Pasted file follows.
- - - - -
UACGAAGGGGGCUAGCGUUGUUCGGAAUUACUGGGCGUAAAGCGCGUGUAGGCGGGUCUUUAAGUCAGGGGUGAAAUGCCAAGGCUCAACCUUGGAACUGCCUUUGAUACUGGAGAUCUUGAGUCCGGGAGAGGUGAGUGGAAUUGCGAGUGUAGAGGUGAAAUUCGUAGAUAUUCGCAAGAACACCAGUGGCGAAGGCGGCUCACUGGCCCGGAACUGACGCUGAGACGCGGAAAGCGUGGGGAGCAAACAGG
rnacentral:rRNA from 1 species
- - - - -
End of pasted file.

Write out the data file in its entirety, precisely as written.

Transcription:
UACGAAGGGGGCUAGCGUUGUUCGGAAUUACUGGGCGUAAAGCGCGUGUAGGCGGGUCUUUAAGUCAGGGGUGAAAUGCCAAGGCUCAACCUUGGAACUGCCUUUGAUACUGGAGAUCUUGAGUCCGGGAGAGGUGAGUGGAAUUGCGAGUGUAGAGGUGAAAUUCGUAGAUAUUCGCAAGAACACCAGUGGCGAAGGCGGCUCACUGGCCCGGAACUGACGCUGAGACGCGGAAAGCGUGGGGAGCAAACAGG
rnacentral:rRNA from 1 species